"I'm saying that if I'm 'encouraged' to go permie, then HMRC loses out to the tune of over £6k/year, and you say that's an increase to HMRC because the permie job pays less?"
No, that's what you're saying. You're not being encouraged to go permie. You (and I mean the collective "you" of the world of freelance contractors) are being encouraged to not structure your compensation as if you're not a typical employee when you're otherwise very much a typical employee.
The same laws that guarantee Uber drivers and Deliveroo's bike slaves basic employment protections are the same laws that mean someone spending huge portions of their working time doing regular 9-5 work as an integrated part of a team, reporting into a corporate structure and with little or no say over what they're actually doing each day must be compensated as if they're an employee.
Now, I know freelancers get touchy about this (having been one, having worked with many), and they'll trot out all the usual lines about "more risk" and "no sick pay" and "we pay more net tax" but that is _not_ the point. The fact is a huge number of freelance contractors, particularly in IT, behave as direct employees in every respect except in the way they're compensated. It's the last sector where this is routine practise, and it is _solely_ done to lower tax bills.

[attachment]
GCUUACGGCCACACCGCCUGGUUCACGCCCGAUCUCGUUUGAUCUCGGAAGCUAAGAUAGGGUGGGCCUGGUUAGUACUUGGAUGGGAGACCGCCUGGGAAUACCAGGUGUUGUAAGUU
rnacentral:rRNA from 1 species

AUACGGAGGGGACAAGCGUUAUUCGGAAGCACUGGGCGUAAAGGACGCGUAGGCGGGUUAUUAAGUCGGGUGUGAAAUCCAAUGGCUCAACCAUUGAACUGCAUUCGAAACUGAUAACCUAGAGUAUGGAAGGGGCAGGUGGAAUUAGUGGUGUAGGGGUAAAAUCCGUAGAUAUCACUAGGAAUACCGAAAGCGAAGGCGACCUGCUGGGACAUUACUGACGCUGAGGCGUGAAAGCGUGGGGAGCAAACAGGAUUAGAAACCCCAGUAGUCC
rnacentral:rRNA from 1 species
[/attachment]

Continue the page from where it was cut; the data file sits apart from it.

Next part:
If you are using your personal limited company (and remember, you are _not_ self employed) solely to limit liability and as a vehicle for your various professional indemnities then more power to you. However I know, you know and we all know that you can get those same protections and freedoms as a freelancer through an agency or through an umbrella. Why don't IT contractors use those mechanisms? Because owning your own employer means you get to dodge NICs.
You don't get to be righteous about this. You get to be angry, certainly, because you're staring down the barrel of a 20% pay cut, but let's not try and pretend this is the government coming for the poor, downtrodden working man when he's taking £700 a day plus expenses, paying himself £12k a year and banking the rest in dividends. If they don't get you with IR35 they'll get you with the employment regs. No sick pay or paid holidays for your full time employee, you say? Well Mr Company Director, step this way.